Stories from the Stringam Family Ranches of Southern Alberta

From the 50s and 60s to today . . .

Friday, July 21, 2023

De-Tangling De Fluff


Remember the 'fashion' dolls of the fifties?
The straight-standing, frozen featured, supposedly beautiful dolls?
That creative people crocheted or knitted clothes for.
Or sunk into cakes.
Those dolls.
Well, besides being known for arriving 'without wardrobe', they were also known for their pre-styled, fine, beautiful hair.
Hair that was not comb-able.
That stuck together in a tight ball and defied any efforts at style change.
I know that hair well.
Because I was born with the same stuff.
And matted permanently together.
Candy-fluff hair, my Mom called it.
Okay, 'candy fluff', I loved.
Candy fluff on my head?
Not so much.
Every morning, and several times throughout the day, Mom would come at me with a comb.
Or some other implement guaranteed to make my hair behave.
None of them worked.
All of them . . . hurt.
Mom: “Diane, hold still! I'm almost done!”
Me: “Waaah!”
And so it went.
As I grew, my hair . . . changed. Subtly.
Oh, it was still fine and soft.
But it no longer stuck together in one fuzzy lump.
Now it stuck together in several fuzzy lumps all over my head.
Mom: “Diane, hold still! There's just one more!”
Me: “Waaah!”
Finally, by about age eight, I outgrew the 'fuzzies'.
But made another important discovery.
Yes, my hair no longer matted together, defying all attempts at style.
And it was now longer and straighter.
But . . . it still hurt to comb it.
Yes. I was a hair wuss.
Mom: “Diane, hold still! Your hair will look beautiful!”
Me: “Waaah!”
Finally, in frustration one day, she uttered the fateful words, “Diane, don't you know you have to suffer to be beautiful?”
I stared at her. “Really?”
She nodded sagely.
I put it together.
If I suffered, I would be beautiful.
It was that simple.
This went on for several years.
Every day, I suffered.
Every day, I looked in the mirror.
Nope. Same face as yesterday.
Finally, at age fifteen, I challenged my mother's hypothesis.
Me: “Mom! I've suffered! Why aren't I beautiful!?”
Mom (In true 'Mom' form): “Oh, honey, you ARE beautiful!”
Right. Waaait. I see where this is going . . .
Moving ahead several years . . .
I was combing my granddaughter's fiery red, naturally curly hair.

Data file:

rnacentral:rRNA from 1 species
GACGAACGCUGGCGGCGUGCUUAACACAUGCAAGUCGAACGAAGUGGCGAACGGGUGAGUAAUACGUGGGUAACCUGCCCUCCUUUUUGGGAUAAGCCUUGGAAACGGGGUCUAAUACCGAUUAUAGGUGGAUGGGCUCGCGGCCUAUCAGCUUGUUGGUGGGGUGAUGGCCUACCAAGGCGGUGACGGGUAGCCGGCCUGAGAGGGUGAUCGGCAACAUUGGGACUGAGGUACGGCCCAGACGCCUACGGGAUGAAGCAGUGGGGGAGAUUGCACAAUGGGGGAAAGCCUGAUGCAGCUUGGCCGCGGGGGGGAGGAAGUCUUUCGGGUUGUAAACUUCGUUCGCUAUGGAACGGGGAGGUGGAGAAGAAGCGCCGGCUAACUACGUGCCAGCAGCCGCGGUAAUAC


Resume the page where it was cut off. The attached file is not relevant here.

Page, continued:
ME: “Kyra, hold still! I'm almost done!”
Kyra: “Waaah!”
Me: “Don't you know you have to suffer to be beautiful?”
She stared at me. “Really?”
And so the story continues . . .

Thursday, July 20, 2023

A Sucker Between Friends

In honour of national Lollipop Day, a story about a...lollipop.
So nice! Sigh.

I played hooky.
For those of you who don't know, 'hooky' is a term coined to describe being absent without leave.
In my case, I was absent from school.
And I didn't do it alone.
I should probably point out that these were the days before the school phoned home "to inform you that your student 'insert name' was absent on . . . yadda yadda yadda . . ."
Back to my story . . .
We were in grade twelve. For the last semester of my grade twelve year, I lived with Debbie's family, the Joneses, on their ranch, and attended school in the town of Magrath.
Our school bus arrived promptly every morning at 7:30.
After an hour and a half commute, we would arrive, sleepy and slightly dishevelled at the Magrath High School to begin a day of instruction.
One morning, one of us really wasn't in the mood.
Oh, she got up all right.
Got ready.
Endured the bus ride.
But, standing there in front of those venerable halls of learning, she balked.
“I don't wanna go,” Debbie said.
I stared at her. “What?”
“I don't wanna go,” she said again.
“Oh.” What did one say to that?
“Let's play hooky!”
“Debbie, we can't play hooky!”
“Yes we can! We've never done it and the semester, the year, the school experience is nearly over!”
She had a point. Both of us had been exemplary students.
Precisely what our fathers expected.
“Deb, my dad would kill me!”
“C'mon, Diane, it's only one day!”
I looked at her. Have I mentioned that Debbie was the only reason I ever got into trouble? Well she was . . .
At that point, our friend Leonard, he of the pick-up truck, appeared.
“Leonard! Take us to Lethbridge!” Leonard looked at Debbie. Then he looked at me. I shrugged.
“Okay,” he said.
. . . and she got other people into trouble, too.
The three of us trailed across the parking lot and into Leonard's pick-up.
There was plenty of room on the wide seat.